An article in the New York Times last year suggested that creativity is the new cure for mid-life crises. By taking up a creative activity, it stated that we often get in touch with a passion we may have forgotten about or not had the time to fully explore. In doing this, we can find a new meaning to life in a way which buying a new car could not achieve.
It seems that every day I receive an email offering advice on habits. The popularity of neuroscience has spurned an interest in how our brains work and what we can do about it. Habits are such simple things. Developed over time, they become enduring and quite resistant to change. They serve a purpose for us, in that they short-cut the need to think about how we behave in certain situations, and they reap rewards when that purpose is served. Continue reading “Habits that inhibit success for women”
In a recent article in the Harvard Business Review, Andre Walton discussed the issue of individual versus group creativity and how groups to some extent limited the level of creativity. This sparked my interest and prompted me to revisit a phenomenon called Groupthink. Continue reading “Why Groupthink can limit Creativity”
The start of a New Year always brings out a lot of advice on setting goals and making New Year resolutions, so in this post I am going to discuss some of the issues I see with setting goals and compare the rational, logical approach of setting SMART goals to the more intuitive approach of ‘going with the flow’.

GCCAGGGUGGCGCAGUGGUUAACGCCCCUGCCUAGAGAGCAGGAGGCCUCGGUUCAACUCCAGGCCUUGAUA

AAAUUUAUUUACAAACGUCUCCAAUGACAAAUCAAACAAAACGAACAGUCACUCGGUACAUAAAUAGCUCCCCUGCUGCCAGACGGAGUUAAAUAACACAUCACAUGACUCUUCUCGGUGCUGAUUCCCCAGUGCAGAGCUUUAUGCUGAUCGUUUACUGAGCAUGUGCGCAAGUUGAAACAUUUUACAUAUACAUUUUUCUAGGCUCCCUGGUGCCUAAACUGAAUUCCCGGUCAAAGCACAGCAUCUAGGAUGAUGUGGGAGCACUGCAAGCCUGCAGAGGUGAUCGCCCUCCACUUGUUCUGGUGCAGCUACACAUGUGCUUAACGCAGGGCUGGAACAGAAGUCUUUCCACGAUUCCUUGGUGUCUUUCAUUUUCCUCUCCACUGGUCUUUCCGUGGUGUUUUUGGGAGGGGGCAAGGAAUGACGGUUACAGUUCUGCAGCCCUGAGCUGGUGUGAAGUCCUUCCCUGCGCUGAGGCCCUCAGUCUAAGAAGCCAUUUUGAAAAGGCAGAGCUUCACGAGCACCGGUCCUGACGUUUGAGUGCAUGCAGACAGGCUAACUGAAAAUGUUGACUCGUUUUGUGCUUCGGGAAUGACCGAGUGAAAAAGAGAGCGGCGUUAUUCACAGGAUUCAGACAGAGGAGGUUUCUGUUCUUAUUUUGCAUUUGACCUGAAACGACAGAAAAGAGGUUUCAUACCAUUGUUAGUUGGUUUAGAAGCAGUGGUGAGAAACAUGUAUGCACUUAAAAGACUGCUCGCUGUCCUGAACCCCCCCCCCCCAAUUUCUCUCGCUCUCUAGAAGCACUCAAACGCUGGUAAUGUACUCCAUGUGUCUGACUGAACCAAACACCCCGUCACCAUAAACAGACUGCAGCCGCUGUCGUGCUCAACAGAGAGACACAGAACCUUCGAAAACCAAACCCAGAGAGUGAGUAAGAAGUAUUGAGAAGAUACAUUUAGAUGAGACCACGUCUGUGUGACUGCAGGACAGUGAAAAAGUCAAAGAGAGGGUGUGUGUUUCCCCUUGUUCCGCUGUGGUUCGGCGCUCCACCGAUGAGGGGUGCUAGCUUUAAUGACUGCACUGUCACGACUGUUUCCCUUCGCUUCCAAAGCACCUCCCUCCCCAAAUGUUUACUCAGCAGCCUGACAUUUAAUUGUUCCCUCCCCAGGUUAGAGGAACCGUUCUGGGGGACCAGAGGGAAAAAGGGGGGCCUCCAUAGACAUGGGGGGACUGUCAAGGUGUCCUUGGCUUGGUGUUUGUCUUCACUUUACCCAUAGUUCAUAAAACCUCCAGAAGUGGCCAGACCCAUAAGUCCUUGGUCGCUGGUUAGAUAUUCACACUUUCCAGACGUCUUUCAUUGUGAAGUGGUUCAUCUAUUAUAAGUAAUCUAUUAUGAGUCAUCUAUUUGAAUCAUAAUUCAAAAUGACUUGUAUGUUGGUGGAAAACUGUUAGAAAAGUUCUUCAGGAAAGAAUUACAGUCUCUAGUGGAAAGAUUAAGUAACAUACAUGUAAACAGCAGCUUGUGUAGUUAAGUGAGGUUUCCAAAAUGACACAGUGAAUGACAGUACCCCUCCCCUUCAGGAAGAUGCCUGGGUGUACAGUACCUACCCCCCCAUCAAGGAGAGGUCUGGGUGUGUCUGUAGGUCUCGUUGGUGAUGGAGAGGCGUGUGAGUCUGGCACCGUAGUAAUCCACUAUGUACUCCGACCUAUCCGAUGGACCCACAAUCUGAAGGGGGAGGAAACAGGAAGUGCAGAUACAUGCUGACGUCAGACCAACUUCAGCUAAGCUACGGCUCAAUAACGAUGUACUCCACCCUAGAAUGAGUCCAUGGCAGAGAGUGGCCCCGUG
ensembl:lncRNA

On a personal note I have always been a bit averse to the setting of goals, especially the setting of SMART goals. However I confess to spending some time at the start of every year reflecting on my future path. As a strong P in MBTI terms, setting actual goals seems to be a constraint too far and I feel much more in tune with the concept of going with the flow! Continue reading “Going with the Flow v. Setting Goals”
Recently I have facilitated three creative workshops, 2 which were focused on creative problem solving and one which was a process of personal development. The common denominator in each was not just that they were creative but that I used drawing, images and collage as tools in the process. The results underline the value in using image based work in problem solving and change. Continue reading “Why image based creative tools are better than words”
One definition from the Collins English dictionary offers ‘ having the ability to create, characterized by originality of thought; having or showing imagination, characterized by sophisticated bending of the rules or conventions ‘ Continue reading “7 reasons to develop your creativity”
What is the Imposter Syndrome?
Do you recognize this feeling? You are about to step into a networking meeting or planning a meeting with a potential client and you have this message popping into your head – ‘these people will realize I am not that good’ or ‘I can’t handle this, I am a fraud.’ Then you are not alone. For example, Liz Bingham, managing partner Ernst & Young , once thought to herself: “What are you doing here? What do you think you’re doing? You’re going to be found out.” Maya Angelou has been reported as saying “I have written 11 books, but each time I think, ‘Uh-oh, they’re going to find [me] out now.”
Continue reading “The Imposter Syndrome and how to overcome it”